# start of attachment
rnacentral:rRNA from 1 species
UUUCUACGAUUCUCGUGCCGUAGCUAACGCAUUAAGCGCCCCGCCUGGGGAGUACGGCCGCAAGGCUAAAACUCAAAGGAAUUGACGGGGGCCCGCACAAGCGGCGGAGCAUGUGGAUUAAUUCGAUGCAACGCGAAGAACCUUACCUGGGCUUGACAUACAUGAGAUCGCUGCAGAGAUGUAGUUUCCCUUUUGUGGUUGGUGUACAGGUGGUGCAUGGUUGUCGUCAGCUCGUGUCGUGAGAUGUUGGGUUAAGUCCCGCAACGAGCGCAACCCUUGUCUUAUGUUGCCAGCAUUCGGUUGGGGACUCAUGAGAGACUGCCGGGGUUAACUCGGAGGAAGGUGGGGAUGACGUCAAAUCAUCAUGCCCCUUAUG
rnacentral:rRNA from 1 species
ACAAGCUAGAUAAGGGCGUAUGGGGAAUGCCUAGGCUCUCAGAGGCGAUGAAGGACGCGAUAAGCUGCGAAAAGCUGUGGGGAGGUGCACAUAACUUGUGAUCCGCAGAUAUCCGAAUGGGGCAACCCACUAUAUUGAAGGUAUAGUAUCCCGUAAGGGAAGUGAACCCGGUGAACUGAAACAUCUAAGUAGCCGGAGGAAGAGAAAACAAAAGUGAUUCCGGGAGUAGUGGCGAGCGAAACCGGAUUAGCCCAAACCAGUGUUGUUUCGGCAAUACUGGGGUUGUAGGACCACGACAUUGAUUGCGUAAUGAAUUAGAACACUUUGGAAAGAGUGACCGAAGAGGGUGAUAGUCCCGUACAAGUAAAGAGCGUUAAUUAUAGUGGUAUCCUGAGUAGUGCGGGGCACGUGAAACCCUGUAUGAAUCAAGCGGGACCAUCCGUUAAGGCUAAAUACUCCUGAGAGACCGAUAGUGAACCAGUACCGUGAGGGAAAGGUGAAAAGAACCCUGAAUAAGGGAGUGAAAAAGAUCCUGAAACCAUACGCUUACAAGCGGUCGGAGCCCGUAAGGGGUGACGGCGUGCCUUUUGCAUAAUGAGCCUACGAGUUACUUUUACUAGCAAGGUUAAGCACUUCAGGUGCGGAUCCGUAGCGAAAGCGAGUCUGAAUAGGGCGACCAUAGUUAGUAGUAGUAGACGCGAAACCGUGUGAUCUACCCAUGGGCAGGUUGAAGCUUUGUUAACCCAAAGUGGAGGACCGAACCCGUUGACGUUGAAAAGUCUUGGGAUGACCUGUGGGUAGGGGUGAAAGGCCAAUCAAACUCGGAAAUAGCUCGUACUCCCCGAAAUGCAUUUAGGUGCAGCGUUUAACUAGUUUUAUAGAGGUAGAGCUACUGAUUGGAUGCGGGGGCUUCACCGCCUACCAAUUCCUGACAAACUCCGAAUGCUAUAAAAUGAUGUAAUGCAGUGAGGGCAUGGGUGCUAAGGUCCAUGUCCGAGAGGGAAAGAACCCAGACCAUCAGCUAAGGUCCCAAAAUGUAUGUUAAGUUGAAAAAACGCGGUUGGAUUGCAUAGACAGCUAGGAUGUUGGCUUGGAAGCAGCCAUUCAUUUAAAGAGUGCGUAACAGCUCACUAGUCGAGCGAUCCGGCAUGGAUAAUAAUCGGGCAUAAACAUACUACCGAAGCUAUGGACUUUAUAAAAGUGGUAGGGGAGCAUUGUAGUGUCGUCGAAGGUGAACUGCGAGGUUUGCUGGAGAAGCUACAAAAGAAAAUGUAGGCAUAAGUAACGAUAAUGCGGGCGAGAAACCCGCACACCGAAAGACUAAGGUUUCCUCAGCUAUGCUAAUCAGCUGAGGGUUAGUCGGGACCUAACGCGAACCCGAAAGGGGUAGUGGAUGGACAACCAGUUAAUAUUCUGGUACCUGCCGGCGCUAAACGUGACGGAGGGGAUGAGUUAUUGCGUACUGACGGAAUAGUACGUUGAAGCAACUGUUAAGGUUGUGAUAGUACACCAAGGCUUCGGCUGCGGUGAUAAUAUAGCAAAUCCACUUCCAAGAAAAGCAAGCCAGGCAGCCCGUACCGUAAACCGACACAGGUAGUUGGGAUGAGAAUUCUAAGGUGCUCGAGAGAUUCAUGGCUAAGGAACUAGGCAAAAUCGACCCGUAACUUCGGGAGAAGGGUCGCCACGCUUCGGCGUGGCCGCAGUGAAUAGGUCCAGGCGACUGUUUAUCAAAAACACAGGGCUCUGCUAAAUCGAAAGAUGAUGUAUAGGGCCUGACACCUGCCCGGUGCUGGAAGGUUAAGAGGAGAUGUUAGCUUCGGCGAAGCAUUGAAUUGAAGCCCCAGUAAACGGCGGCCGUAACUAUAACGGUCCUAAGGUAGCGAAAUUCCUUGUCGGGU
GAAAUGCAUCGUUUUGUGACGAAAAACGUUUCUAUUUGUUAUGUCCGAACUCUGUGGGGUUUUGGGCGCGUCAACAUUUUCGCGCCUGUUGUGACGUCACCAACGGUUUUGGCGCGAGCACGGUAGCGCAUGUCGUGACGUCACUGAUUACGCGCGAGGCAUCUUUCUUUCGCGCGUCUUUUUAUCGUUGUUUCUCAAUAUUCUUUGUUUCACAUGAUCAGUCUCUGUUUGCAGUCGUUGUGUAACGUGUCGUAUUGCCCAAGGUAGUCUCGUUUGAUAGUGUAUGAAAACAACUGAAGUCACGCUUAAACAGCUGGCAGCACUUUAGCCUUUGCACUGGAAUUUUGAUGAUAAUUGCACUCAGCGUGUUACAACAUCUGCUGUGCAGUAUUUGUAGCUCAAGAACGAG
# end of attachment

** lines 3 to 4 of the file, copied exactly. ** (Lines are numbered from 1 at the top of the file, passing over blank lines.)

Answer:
rnacentral:rRNA from 1 species
ACAAGCUAGAUAAGGGCGUAUGGGGAAUGCCUAGGCUCUCAGAGGCGAUGAAGGACGCGAUAAGCUGCGAAAAGCUGUGGGGAGGUGCACAUAACUUGUGAUCCGCAGAUAUCCGAAUGGGGCAACCCACUAUAUUGAAGGUAUAGUAUCCCGUAAGGGAAGUGAACCCGGUGAACUGAAACAUCUAAGUAGCCGGAGGAAGAGAAAACAAAAGUGAUUCCGGGAGUAGUGGCGAGCGAAACCGGAUUAGCCCAAACCAGUGUUGUUUCGGCAAUACUGGGGUUGUAGGACCACGACAUUGAUUGCGUAAUGAAUUAGAACACUUUGGAAAGAGUGACCGAAGAGGGUGAUAGUCCCGUACAAGUAAAGAGCGUUAAUUAUAGUGGUAUCCUGAGUAGUGCGGGGCACGUGAAACCCUGUAUGAAUCAAGCGGGACCAUCCGUUAAGGCUAAAUACUCCUGAGAGACCGAUAGUGAACCAGUACCGUGAGGGAAAGGUGAAAAGAACCCUGAAUAAGGGAGUGAAAAAGAUCCUGAAACCAUACGCUUACAAGCGGUCGGAGCCCGUAAGGGGUGACGGCGUGCCUUUUGCAUAAUGAGCCUACGAGUUACUUUUACUAGCAAGGUUAAGCACUUCAGGUGCGGAUCCGUAGCGAAAGCGAGUCUGAAUAGGGCGACCAUAGUUAGUAGUAGUAGACGCGAAACCGUGUGAUCUACCCAUGGGCAGGUUGAAGCUUUGUUAACCCAAAGUGGAGGACCGAACCCGUUGACGUUGAAAAGUCUUGGGAUGACCUGUGGGUAGGGGUGAAAGGCCAAUCAAACUCGGAAAUAGCUCGUACUCCCCGAAAUGCAUUUAGGUGCAGCGUUUAACUAGUUUUAUAGAGGUAGAGCUACUGAUUGGAUGCGGGGGCUUCACCGCCUACCAAUUCCUGACAAACUCCGAAUGCUAUAAAAUGAUGUAAUGCAGUGAGGGCAUGGGUGCUAAGGUCCAUGUCCGAGAGGGAAAGAACCCAGACCAUCAGCUAAGGUCCCAAAAUGUAUGUUAAGUUGAAAAAACGCGGUUGGAUUGCAUAGACAGCUAGGAUGUUGGCUUGGAAGCAGCCAUUCAUUUAAAGAGUGCGUAACAGCUCACUAGUCGAGCGAUCCGGCAUGGAUAAUAAUCGGGCAUAAACAUACUACCGAAGCUAUGGACUUUAUAAAAGUGGUAGGGGAGCAUUGUAGUGUCGUCGAAGGUGAACUGCGAGGUUUGCUGGAGAAGCUACAAAAGAAAAUGUAGGCAUAAGUAACGAUAAUGCGGGCGAGAAACCCGCACACCGAAAGACUAAGGUUUCCUCAGCUAUGCUAAUCAGCUGAGGGUUAGUCGGGACCUAACGCGAACCCGAAAGGGGUAGUGGAUGGACAACCAGUUAAUAUUCUGGUACCUGCCGGCGCUAAACGUGACGGAGGGGAUGAGUUAUUGCGUACUGACGGAAUAGUACGUUGAAGCAACUGUUAAGGUUGUGAUAGUACACCAAGGCUUCGGCUGCGGUGAUAAUAUAGCAAAUCCACUUCCAAGAAAAGCAAGCCAGGCAGCCCGUACCGUAAACCGACACAGGUAGUUGGGAUGAGAAUUCUAAGGUGCUCGAGAGAUUCAUGGCUAAGGAACUAGGCAAAAUCGACCCGUAACUUCGGGAGAAGGGUCGCCACGCUUCGGCGUGGCCGCAGUGAAUAGGUCCAGGCGACUGUUUAUCAAAAACACAGGGCUCUGCUAAAUCGAAAGAUGAUGUAUAGGGCCUGACACCUGCCCGGUGCUGGAAGGUUAAGAGGAGAUGUUAGCUUCGGCGAAGCAUUGAAUUGAAGCCCCAGUAAACGGCGGCCGUAACUAUAACGGUCCUAAGGUAGCGAAAUUCCUUGUCGGGU